By Eric Griffith
May 2, 2005
This week at Interop in Las Vegas, Meru Networks unveiled a new family of products it calls Radio Switches. Each unit comes with a different number of radios inside (4, 8 or 12) and uses a specially designed omni-directional antenna to layer all the 802.11 channels in the area for higher capacity.
Using the smarts of a Meru central switch — a mix of its Air Traffic Control and Cellular WLAN technologies — the network uses every channel available (3 in 802.11b/g and 12 in 802.11a) to blanket an area around the Radio Switch, yet avoid interference and contention issues.
“We have the ability to uniquely layer channels on top of each other,” says Ben Gibson, vice president of marketing at Meru, describing what the company calls the ‘Virtual Cell.’ “We can do up to 12 channels at once [under 802.11a], getting up to 640 Megabits per second of capacity.”
The new system, he stresses, is designed for crowded, high density environments with lots of simultaneous users where, Gibson says, “conventional WLANs are breaking.” Examples include college lecture halls and the floors of trades shows or stock exchanges.
“This layered approach to channels means far greater capacity,” he adds. It is not a replacement for the existing Meru equipment, which is used in regular corporate deployments.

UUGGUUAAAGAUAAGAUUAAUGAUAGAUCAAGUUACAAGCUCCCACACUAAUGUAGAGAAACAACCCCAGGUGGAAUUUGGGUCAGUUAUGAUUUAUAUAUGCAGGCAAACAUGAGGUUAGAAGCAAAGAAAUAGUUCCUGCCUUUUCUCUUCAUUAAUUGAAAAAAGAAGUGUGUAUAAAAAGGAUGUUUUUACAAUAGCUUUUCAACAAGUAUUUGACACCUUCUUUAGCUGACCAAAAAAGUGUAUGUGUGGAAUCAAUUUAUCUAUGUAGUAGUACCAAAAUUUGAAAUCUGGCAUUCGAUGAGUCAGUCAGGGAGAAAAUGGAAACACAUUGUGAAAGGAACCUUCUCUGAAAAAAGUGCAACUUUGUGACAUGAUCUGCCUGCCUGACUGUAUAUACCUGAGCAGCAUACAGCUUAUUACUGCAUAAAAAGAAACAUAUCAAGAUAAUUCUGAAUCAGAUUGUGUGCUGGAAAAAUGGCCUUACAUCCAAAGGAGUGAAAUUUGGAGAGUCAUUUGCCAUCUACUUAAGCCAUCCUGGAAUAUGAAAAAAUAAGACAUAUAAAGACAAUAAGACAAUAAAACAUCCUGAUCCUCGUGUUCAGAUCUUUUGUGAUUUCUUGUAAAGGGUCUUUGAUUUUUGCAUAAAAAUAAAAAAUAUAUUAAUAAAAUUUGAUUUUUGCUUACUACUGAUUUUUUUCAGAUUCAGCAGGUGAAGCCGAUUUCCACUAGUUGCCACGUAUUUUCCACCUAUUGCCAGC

Meru thinks Radio Switches will simplify deployment headaches, since in select venues they could mean fewer APs, and thus fewer cables pulled.
The system is not mean to extend distance. It does not use sectorized, directional antennas, like Xirrus is using in its WLAN Array. Xirrus does expect one array could cover an entire building floor this way, but Meru points out that the capacity of that sector is still only one channel — and tops out at 54Mbps to all in that sector. Also, the directional signal could be prone to bouncing on obstructions such as walls, furniture or even people.
“For these [indoor] applications, like halls and show floors, we felt the omni-directional approach was best,” says Gibson.
Meru says the Radio Switches with layered channels will have much higher user capacity. The company sees “light” or “thin” access points deployed in high quantity, each on a separate channel, as having less than half the overall capacity for traffic that the Radio Switches will have. The company also thinks the total cost of ownership of the Radio Switches versus thin APs will be almost half the amount of money. Much of the savings will come in by eliminating extra cabling and labor.
The various Radio Switches will be priced at $1,595 for the four-radio RS-4000; $2,995 for the eight-radio RS-8000, and $4,195 for the twelve-radio RS-12000. They should be available in July.